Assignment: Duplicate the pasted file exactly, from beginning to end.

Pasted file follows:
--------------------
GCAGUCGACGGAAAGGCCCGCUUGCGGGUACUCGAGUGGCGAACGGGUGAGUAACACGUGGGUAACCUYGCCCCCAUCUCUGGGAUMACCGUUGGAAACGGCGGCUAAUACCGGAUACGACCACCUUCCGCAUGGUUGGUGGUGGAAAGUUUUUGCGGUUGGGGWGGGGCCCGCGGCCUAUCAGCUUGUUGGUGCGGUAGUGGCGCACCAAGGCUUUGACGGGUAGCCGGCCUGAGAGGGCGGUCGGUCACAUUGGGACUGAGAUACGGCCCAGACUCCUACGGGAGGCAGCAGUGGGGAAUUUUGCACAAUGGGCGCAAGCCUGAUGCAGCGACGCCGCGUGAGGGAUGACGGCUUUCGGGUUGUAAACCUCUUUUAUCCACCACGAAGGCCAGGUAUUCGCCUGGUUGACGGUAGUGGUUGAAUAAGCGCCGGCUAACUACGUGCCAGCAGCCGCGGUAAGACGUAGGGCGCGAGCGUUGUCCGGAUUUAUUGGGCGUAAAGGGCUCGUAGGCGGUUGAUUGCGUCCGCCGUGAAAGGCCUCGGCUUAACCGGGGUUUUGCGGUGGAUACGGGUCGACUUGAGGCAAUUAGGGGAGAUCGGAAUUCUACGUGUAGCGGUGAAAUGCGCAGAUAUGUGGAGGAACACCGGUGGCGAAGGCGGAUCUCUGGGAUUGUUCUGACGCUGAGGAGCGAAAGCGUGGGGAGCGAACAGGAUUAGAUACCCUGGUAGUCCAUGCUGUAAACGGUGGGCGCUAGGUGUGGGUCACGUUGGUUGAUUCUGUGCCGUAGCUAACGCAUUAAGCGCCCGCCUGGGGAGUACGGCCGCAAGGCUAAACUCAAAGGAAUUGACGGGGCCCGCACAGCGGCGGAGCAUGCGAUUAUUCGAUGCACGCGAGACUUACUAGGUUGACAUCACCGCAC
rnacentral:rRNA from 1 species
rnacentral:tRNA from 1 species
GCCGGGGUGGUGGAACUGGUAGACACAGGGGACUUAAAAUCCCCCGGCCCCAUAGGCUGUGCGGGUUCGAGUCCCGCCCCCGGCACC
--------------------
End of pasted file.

GCAGUCGACGGAAAGGCCCGCUUGCGGGUACUCGAGUGGCGAACGGGUGAGUAACACGUGGGUAACCUYGCCCCCAUCUCUGGGAUMACCGUUGGAAACGGCGGCUAAUACCGGAUACGACCACCUUCCGCAUGGUUGGUGGUGGAAAGUUUUUGCGGUUGGGGWGGGGCCCGCGGCCUAUCAGCUUGUUGGUGCGGUAGUGGCGCACCAAGGCUUUGACGGGUAGCCGGCCUGAGAGGGCGGUCGGUCACAUUGGGACUGAGAUACGGCCCAGACUCCUACGGGAGGCAGCAGUGGGGAAUUUUGCACAAUGGGCGCAAGCCUGAUGCAGCGACGCCGCGUGAGGGAUGACGGCUUUCGGGUUGUAAACCUCUUUUAUCCACCACGAAGGCCAGGUAUUCGCCUGGUUGACGGUAGUGGUUGAAUAAGCGCCGGCUAACUACGUGCCAGCAGCCGCGGUAAGACGUAGGGCGCGAGCGUUGUCCGGAUUUAUUGGGCGUAAAGGGCUCGUAGGCGGUUGAUUGCGUCCGCCGUGAAAGGCCUCGGCUUAACCGGGGUUUUGCGGUGGAUACGGGUCGACUUGAGGCAAUUAGGGGAGAUCGGAAUUCUACGUGUAGCGGUGAAAUGCGCAGAUAUGUGGAGGAACACCGGUGGCGAAGGCGGAUCUCUGGGAUUGUUCUGACGCUGAGGAGCGAAAGCGUGGGGAGCGAACAGGAUUAGAUACCCUGGUAGUCCAUGCUGUAAACGGUGGGCGCUAGGUGUGGGUCACGUUGGUUGAUUCUGUGCCGUAGCUAACGCAUUAAGCGCCCGCCUGGGGAGUACGGCCGCAAGGCUAAACUCAAAGGAAUUGACGGGGCCCGCACAGCGGCGGAGCAUGCGAUUAUUCGAUGCACGCGAGACUUACUAGGUUGACAUCACCGCAC
rnacentral:rRNA from 1 species
rnacentral:tRNA from 1 species
GCCGGGGUGGUGGAACUGGUAGACACAGGGGACUUAAAAUCCCCCGGCCCCAUAGGCUGUGCGGGUUCGAGUCCCGCCCCCGGCACC